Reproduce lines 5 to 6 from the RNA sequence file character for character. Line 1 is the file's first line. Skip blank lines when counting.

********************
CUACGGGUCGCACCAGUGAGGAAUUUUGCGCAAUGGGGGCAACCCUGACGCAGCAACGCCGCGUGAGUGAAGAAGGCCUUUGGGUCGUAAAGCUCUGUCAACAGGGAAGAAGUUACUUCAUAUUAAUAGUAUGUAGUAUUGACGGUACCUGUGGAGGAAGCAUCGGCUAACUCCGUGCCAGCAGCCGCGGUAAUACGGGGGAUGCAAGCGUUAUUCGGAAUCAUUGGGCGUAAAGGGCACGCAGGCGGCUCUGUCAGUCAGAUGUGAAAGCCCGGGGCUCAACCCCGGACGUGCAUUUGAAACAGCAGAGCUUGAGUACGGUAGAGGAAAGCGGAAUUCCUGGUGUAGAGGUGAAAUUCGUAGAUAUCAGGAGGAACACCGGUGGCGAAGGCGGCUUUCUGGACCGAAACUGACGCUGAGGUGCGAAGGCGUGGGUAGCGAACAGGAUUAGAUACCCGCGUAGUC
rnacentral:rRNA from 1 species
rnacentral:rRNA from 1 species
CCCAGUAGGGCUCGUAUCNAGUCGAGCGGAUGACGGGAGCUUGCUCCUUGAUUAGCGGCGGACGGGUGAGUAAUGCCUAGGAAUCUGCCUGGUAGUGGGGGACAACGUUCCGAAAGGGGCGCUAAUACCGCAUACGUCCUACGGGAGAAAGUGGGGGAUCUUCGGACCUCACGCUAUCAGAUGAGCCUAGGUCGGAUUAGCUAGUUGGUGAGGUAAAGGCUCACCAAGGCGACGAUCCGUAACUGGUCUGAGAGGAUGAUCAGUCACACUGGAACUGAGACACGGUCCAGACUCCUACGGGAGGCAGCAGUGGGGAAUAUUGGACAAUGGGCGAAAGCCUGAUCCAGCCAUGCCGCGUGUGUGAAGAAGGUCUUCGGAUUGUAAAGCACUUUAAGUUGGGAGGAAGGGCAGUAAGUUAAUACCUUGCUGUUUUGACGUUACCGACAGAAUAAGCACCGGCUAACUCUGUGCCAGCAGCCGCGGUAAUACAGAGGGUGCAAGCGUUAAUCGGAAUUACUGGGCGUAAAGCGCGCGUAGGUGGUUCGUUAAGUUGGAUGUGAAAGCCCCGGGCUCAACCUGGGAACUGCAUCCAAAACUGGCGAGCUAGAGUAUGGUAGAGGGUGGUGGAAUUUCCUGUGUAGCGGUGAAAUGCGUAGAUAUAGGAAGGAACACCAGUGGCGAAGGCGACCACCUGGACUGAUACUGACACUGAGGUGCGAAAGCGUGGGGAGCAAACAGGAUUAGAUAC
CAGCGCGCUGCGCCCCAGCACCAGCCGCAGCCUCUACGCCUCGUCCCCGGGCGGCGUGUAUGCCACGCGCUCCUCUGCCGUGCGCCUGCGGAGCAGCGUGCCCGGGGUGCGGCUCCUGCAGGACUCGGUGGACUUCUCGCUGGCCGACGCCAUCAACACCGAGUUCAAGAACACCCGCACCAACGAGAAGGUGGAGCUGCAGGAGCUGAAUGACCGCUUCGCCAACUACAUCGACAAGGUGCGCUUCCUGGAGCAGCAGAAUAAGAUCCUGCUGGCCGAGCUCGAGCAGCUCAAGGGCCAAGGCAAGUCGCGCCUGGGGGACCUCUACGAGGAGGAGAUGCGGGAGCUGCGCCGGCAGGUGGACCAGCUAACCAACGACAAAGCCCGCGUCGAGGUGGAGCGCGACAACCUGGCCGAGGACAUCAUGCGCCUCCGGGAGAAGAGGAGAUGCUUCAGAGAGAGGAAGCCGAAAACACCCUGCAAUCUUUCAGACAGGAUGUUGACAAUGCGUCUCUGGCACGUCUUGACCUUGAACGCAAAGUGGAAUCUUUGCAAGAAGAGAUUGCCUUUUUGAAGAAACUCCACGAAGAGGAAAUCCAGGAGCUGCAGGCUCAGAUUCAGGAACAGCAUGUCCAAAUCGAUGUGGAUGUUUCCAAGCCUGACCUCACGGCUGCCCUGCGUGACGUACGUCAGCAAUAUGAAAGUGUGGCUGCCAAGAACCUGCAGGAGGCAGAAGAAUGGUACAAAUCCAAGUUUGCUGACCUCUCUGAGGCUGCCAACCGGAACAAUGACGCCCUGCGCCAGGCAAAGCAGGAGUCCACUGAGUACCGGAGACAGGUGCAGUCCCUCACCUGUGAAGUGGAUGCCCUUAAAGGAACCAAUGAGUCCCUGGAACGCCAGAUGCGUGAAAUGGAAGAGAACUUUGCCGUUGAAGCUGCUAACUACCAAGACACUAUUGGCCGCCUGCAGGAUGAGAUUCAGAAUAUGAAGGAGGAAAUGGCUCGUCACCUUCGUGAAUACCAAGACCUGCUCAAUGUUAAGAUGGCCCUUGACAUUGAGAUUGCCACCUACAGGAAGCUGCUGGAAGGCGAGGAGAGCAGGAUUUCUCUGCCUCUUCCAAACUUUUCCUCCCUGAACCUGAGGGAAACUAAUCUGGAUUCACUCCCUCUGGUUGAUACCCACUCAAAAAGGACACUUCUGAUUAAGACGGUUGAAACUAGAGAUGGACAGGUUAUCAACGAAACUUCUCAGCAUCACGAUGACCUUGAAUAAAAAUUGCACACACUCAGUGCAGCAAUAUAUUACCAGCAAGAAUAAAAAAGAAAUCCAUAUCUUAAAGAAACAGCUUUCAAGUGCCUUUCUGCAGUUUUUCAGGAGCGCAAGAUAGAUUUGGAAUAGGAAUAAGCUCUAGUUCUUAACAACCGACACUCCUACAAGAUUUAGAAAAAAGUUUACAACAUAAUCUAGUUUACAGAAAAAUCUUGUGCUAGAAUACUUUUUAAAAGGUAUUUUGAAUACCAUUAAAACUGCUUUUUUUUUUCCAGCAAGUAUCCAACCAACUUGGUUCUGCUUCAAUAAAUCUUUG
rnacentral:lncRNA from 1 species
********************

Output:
CAGCGCGCUGCGCCCCAGCACCAGCCGCAGCCUCUACGCCUCGUCCCCGGGCGGCGUGUAUGCCACGCGCUCCUCUGCCGUGCGCCUGCGGAGCAGCGUGCCCGGGGUGCGGCUCCUGCAGGACUCGGUGGACUUCUCGCUGGCCGACGCCAUCAACACCGAGUUCAAGAACACCCGCACCAACGAGAAGGUGGAGCUGCAGGAGCUGAAUGACCGCUUCGCCAACUACAUCGACAAGGUGCGCUUCCUGGAGCAGCAGAAUAAGAUCCUGCUGGCCGAGCUCGAGCAGCUCAAGGGCCAAGGCAAGUCGCGCCUGGGGGACCUCUACGAGGAGGAGAUGCGGGAGCUGCGCCGGCAGGUGGACCAGCUAACCAACGACAAAGCCCGCGUCGAGGUGGAGCGCGACAACCUGGCCGAGGACAUCAUGCGCCUCCGGGAGAAGAGGAGAUGCUUCAGAGAGAGGAAGCCGAAAACACCCUGCAAUCUUUCAGACAGGAUGUUGACAAUGCGUCUCUGGCACGUCUUGACCUUGAACGCAAAGUGGAAUCUUUGCAAGAAGAGAUUGCCUUUUUGAAGAAACUCCACGAAGAGGAAAUCCAGGAGCUGCAGGCUCAGAUUCAGGAACAGCAUGUCCAAAUCGAUGUGGAUGUUUCCAAGCCUGACCUCACGGCUGCCCUGCGUGACGUACGUCAGCAAUAUGAAAGUGUGGCUGCCAAGAACCUGCAGGAGGCAGAAGAAUGGUACAAAUCCAAGUUUGCUGACCUCUCUGAGGCUGCCAACCGGAACAAUGACGCCCUGCGCCAGGCAAAGCAGGAGUCCACUGAGUACCGGAGACAGGUGCAGUCCCUCACCUGUGAAGUGGAUGCCCUUAAAGGAACCAAUGAGUCCCUGGAACGCCAGAUGCGUGAAAUGGAAGAGAACUUUGCCGUUGAAGCUGCUAACUACCAAGACACUAUUGGCCGCCUGCAGGAUGAGAUUCAGAAUAUGAAGGAGGAAAUGGCUCGUCACCUUCGUGAAUACCAAGACCUGCUCAAUGUUAAGAUGGCCCUUGACAUUGAGAUUGCCACCUACAGGAAGCUGCUGGAAGGCGAGGAGAGCAGGAUUUCUCUGCCUCUUCCAAACUUUUCCUCCCUGAACCUGAGGGAAACUAAUCUGGAUUCACUCCCUCUGGUUGAUACCCACUCAAAAAGGACACUUCUGAUUAAGACGGUUGAAACUAGAGAUGGACAGGUUAUCAACGAAACUUCUCAGCAUCACGAUGACCUUGAAUAAAAAUUGCACACACUCAGUGCAGCAAUAUAUUACCAGCAAGAAUAAAAAAGAAAUCCAUAUCUUAAAGAAACAGCUUUCAAGUGCCUUUCUGCAGUUUUUCAGGAGCGCAAGAUAGAUUUGGAAUAGGAAUAAGCUCUAGUUCUUAACAACCGACACUCCUACAAGAUUUAGAAAAAAGUUUACAACAUAAUCUAGUUUACAGAAAAAUCUUGUGCUAGAAUACUUUUUAAAAGGUAUUUUGAAUACCAUUAAAACUGCUUUUUUUUUUCCAGCAAGUAUCCAACCAACUUGGUUCUGCUUCAAUAAAUCUUUG
rnacentral:lncRNA from 1 species